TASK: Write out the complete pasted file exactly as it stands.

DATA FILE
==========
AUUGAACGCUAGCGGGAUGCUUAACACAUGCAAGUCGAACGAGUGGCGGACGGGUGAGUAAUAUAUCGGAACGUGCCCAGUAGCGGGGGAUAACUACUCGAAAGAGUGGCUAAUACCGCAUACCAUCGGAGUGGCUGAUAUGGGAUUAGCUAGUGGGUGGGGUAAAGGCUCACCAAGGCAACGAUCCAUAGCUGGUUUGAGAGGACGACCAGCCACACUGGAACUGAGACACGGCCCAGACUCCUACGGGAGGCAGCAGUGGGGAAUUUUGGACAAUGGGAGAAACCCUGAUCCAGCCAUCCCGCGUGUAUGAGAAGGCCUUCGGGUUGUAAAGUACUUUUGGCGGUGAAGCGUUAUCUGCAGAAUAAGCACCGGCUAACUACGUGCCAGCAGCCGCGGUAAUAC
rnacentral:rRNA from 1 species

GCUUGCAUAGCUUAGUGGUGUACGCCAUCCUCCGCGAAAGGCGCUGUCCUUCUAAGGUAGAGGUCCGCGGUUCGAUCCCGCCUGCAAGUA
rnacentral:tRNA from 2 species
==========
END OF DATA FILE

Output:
AUUGAACGCUAGCGGGAUGCUUAACACAUGCAAGUCGAACGAGUGGCGGACGGGUGAGUAAUAUAUCGGAACGUGCCCAGUAGCGGGGGAUAACUACUCGAAAGAGUGGCUAAUACCGCAUACCAUCGGAGUGGCUGAUAUGGGAUUAGCUAGUGGGUGGGGUAAAGGCUCACCAAGGCAACGAUCCAUAGCUGGUUUGAGAGGACGACCAGCCACACUGGAACUGAGACACGGCCCAGACUCCUACGGGAGGCAGCAGUGGGGAAUUUUGGACAAUGGGAGAAACCCUGAUCCAGCCAUCCCGCGUGUAUGAGAAGGCCUUCGGGUUGUAAAGUACUUUUGGCGGUGAAGCGUUAUCUGCAGAAUAAGCACCGGCUAACUACGUGCCAGCAGCCGCGGUAAUAC
rnacentral:rRNA from 1 species

GCUUGCAUAGCUUAGUGGUGUACGCCAUCCUCCGCGAAAGGCGCUGUCCUUCUAAGGUAGAGGUCCGCGGUUCGAUCCCGCCUGCAAGUA
rnacentral:tRNA from 2 species